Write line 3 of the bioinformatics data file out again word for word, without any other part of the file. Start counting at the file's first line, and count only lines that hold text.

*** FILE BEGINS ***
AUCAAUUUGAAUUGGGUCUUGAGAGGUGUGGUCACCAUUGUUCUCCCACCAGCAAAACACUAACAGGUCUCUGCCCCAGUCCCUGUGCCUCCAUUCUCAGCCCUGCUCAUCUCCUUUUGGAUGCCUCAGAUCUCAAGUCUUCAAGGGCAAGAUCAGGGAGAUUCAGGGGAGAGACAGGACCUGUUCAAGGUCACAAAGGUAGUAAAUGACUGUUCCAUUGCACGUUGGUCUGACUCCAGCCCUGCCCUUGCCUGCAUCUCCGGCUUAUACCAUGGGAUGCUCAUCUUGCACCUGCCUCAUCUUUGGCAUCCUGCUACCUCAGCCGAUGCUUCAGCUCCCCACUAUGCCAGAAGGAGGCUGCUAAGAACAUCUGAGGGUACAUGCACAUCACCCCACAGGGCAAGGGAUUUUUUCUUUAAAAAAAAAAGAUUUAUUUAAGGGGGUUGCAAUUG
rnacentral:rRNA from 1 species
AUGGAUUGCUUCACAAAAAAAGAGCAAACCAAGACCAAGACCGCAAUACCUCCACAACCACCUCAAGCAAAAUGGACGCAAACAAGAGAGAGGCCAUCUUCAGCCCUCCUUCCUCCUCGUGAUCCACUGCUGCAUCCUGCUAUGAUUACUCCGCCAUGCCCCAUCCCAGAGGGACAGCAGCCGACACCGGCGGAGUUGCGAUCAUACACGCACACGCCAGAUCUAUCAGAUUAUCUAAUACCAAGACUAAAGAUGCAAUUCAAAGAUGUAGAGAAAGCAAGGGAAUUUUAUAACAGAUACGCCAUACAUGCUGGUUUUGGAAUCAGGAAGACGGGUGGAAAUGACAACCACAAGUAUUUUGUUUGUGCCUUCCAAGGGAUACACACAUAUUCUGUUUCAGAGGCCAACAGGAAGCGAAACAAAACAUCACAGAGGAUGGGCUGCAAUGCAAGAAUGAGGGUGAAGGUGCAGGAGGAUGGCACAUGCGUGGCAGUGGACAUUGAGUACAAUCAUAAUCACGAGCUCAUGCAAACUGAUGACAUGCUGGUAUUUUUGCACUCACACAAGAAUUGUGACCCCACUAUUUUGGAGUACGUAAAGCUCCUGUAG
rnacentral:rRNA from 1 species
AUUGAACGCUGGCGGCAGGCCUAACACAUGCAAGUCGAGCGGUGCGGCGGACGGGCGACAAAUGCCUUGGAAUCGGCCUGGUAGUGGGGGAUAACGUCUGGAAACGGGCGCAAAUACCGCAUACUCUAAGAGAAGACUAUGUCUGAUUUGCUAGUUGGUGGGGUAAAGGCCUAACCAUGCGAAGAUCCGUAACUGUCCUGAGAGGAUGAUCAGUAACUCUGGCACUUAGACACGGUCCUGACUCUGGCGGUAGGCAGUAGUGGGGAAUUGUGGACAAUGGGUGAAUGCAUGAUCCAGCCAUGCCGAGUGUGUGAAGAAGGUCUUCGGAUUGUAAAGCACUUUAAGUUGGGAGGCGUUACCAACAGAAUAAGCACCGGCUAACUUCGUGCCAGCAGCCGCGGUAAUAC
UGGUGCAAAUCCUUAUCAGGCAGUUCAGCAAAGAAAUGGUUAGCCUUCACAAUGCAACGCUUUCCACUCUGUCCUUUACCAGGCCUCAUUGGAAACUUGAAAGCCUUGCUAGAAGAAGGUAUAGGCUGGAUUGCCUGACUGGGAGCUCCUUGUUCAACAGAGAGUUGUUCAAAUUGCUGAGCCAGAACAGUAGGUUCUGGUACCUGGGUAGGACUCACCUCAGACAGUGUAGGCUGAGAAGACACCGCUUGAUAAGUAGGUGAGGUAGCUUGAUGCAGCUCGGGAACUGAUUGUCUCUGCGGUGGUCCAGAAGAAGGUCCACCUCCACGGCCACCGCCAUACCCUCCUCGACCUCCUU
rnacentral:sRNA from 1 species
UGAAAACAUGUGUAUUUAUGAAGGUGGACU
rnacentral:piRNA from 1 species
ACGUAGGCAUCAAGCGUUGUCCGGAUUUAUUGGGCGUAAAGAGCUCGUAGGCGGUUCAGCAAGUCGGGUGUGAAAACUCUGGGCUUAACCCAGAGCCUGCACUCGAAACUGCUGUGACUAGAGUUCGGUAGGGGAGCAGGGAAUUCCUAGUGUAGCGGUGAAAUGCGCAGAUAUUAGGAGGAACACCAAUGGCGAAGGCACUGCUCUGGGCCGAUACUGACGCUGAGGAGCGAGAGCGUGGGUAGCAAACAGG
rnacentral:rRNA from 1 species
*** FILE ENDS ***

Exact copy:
AUGGAUUGCUUCACAAAAAAAGAGCAAACCAAGACCAAGACCGCAAUACCUCCACAACCACCUCAAGCAAAAUGGACGCAAACAAGAGAGAGGCCAUCUUCAGCCCUCCUUCCUCCUCGUGAUCCACUGCUGCAUCCUGCUAUGAUUACUCCGCCAUGCCCCAUCCCAGAGGGACAGCAGCCGACACCGGCGGAGUUGCGAUCAUACACGCACACGCCAGAUCUAUCAGAUUAUCUAAUACCAAGACUAAAGAUGCAAUUCAAAGAUGUAGAGAAAGCAAGGGAAUUUUAUAACAGAUACGCCAUACAUGCUGGUUUUGGAAUCAGGAAGACGGGUGGAAAUGACAACCACAAGUAUUUUGUUUGUGCCUUCCAAGGGAUACACACAUAUUCUGUUUCAGAGGCCAACAGGAAGCGAAACAAAACAUCACAGAGGAUGGGCUGCAAUGCAAGAAUGAGGGUGAAGGUGCAGGAGGAUGGCACAUGCGUGGCAGUGGACAUUGAGUACAAUCAUAAUCACGAGCUCAUGCAAACUGAUGACAUGCUGGUAUUUUUGCACUCACACAAGAAUUGUGACCCCACUAUUUUGGAGUACGUAAAGCUCCUGUAG